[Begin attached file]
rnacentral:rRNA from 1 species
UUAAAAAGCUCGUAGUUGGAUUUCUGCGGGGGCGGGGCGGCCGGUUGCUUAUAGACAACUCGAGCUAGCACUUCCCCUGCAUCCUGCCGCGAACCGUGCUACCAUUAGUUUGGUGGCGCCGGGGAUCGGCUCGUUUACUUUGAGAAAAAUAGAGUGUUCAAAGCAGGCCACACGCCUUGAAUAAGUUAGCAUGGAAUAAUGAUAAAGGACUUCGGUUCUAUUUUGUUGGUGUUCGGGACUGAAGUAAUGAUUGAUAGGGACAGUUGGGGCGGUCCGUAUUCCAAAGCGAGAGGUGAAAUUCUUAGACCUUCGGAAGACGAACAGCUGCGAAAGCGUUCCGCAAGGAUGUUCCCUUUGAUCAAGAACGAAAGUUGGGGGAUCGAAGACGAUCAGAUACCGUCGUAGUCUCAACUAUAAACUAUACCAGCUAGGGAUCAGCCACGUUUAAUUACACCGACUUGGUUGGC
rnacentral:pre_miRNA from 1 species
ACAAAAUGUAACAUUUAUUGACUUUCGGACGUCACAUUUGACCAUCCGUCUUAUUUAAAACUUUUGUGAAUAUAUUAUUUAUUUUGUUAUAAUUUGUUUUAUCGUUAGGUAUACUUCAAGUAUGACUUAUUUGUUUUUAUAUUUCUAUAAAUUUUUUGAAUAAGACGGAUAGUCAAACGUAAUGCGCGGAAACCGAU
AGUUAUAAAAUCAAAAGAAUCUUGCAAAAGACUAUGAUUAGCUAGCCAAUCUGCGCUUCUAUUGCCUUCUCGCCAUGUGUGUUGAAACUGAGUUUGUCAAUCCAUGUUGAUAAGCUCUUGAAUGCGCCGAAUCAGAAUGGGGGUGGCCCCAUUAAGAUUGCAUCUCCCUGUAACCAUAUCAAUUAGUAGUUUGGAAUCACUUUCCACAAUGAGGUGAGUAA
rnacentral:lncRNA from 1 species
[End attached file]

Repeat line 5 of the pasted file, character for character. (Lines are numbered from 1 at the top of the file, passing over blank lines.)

AGUUAUAAAAUCAAAAGAAUCUUGCAAAAGACUAUGAUUAGCUAGCCAAUCUGCGCUUCUAUUGCCUUCUCGCCAUGUGUGUUGAAACUGAGUUUGUCAAUCCAUGUUGAUAAGCUCUUGAAUGCGCCGAAUCAGAAUGGGGGUGGCCCCAUUAAGAUUGCAUCUCCCUGUAACCAUAUCAAUUAGUAGUUUGGAAUCACUUUCCACAAUGAGGUGAGUAA